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Eur J Haematol. 2005 Feb;74(2):158-65.

Prevalence of hepatitis B and C virus infection in haematological malignancies and liver injury following chemotherapy.

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First Department of Internal Medicine, Gifu University School of Medicine, Gifu, Japan.


The aim of this study was to determine the carrier rate of hepatitis virus in patients with haematological malignancies and the incidence of liver injury in these patients following chemotherapy. From January 1996 to September 2002, we studied 601 consecutive, unselected series of patients with haematological malignancies admitted in our hospital unit (Japan). They consisted of 246 cases of acute leukaemia, 218 non-Hodgkin's lymphoma (NHL), 13 adult T-cell leukaemia, and 124 multiple myeloma. Of these 601 patients, 373 were men and 228 were women; their mean age was 61 yr, with a range from 18 to 89 yr. The prevalences of hepatitis B virus (HBV) and hepatitis C virus (HCV) were 7.3% and 10.1%, respectively, in NHL, both higher than those in acute leukaemia (1.7% and 2.9%, P < 0.005) and in general Japanese population (1.2% and 2.6%). The incidence of post-chemotherapy liver injury in 25 HBV carriers (36.0%) was significantly higher than that in 539 non-hepatitis virus carriers (12.6%, P = 0.003) and 37 HCV carriers (10.8%, P = 0.026). Liver injury in HBV carriers was more often present in patients who had been treated with steroids than in those without steroids (72.7% and 0%, P = 0.013). After lamivudine became available in our institution, the incidence of liver injury in HBV carriers was reduced from 53.3% to 10.0% (P = 0.041). The therapeutic strategy for haematological malignancies in hepatitis virus carriers should be further investigated.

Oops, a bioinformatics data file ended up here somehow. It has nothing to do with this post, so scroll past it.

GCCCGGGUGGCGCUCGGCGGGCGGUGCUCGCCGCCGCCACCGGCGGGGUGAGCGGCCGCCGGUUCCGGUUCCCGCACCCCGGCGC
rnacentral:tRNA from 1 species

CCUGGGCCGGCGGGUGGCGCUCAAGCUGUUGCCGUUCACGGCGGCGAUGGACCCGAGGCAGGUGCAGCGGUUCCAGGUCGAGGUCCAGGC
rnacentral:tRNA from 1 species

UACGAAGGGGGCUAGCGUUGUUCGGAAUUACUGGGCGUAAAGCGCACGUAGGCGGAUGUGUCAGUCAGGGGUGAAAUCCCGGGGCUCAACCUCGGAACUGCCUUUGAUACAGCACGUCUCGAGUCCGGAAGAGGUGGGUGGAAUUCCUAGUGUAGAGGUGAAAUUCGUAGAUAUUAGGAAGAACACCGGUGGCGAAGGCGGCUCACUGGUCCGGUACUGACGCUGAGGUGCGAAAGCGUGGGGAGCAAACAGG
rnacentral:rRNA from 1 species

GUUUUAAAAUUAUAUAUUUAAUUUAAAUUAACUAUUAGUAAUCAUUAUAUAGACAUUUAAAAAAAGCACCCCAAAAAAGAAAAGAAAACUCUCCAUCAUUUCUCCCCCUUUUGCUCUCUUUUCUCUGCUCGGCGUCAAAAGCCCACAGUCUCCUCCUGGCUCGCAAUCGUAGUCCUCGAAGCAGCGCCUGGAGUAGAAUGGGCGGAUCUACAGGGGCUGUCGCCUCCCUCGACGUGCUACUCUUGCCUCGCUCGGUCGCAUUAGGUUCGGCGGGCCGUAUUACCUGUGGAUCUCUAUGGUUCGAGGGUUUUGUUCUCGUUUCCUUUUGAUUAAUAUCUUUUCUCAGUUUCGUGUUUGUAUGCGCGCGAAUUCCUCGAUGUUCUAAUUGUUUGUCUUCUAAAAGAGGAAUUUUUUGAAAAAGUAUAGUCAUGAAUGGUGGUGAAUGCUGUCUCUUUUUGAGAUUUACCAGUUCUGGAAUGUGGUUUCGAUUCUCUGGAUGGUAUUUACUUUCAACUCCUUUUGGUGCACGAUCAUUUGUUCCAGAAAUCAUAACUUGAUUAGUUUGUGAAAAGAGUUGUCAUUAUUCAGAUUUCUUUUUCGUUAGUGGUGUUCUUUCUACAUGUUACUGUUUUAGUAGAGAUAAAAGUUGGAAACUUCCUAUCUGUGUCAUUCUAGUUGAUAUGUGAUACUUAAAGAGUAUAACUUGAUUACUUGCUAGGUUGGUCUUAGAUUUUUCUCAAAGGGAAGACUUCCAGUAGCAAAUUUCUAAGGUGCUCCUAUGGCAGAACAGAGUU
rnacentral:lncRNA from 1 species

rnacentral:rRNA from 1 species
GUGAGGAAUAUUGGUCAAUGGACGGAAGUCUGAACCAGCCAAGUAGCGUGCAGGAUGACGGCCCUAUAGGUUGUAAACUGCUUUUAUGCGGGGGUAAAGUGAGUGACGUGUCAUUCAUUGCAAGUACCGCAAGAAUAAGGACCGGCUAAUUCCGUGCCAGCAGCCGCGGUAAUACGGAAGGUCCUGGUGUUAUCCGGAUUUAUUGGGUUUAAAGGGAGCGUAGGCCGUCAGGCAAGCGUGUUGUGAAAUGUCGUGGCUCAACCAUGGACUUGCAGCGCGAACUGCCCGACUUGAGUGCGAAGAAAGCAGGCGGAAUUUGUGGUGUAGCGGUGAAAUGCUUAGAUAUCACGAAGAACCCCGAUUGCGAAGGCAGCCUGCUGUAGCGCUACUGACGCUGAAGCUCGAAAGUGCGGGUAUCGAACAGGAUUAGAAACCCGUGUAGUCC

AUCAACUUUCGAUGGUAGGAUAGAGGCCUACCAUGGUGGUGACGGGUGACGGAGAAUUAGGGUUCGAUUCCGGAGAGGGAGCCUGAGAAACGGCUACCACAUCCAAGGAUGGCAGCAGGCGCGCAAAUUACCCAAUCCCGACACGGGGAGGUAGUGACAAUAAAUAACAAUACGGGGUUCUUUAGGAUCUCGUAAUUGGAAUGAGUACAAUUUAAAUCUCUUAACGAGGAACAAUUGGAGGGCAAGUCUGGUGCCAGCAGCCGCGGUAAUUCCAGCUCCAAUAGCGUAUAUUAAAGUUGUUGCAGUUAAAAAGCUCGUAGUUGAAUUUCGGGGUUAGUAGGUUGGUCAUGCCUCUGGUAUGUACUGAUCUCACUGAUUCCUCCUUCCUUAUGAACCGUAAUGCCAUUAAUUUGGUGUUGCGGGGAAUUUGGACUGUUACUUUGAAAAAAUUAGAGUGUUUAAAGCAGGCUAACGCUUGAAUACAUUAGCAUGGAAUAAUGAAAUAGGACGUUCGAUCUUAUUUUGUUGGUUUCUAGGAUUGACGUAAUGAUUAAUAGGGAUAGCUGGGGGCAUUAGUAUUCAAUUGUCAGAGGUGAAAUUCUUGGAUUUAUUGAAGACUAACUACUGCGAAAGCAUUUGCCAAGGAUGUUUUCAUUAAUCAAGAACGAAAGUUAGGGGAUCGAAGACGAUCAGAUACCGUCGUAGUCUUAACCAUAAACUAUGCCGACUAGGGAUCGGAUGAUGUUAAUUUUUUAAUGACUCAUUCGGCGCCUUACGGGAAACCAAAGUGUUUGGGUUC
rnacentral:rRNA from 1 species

[Indexed for MEDLINE]

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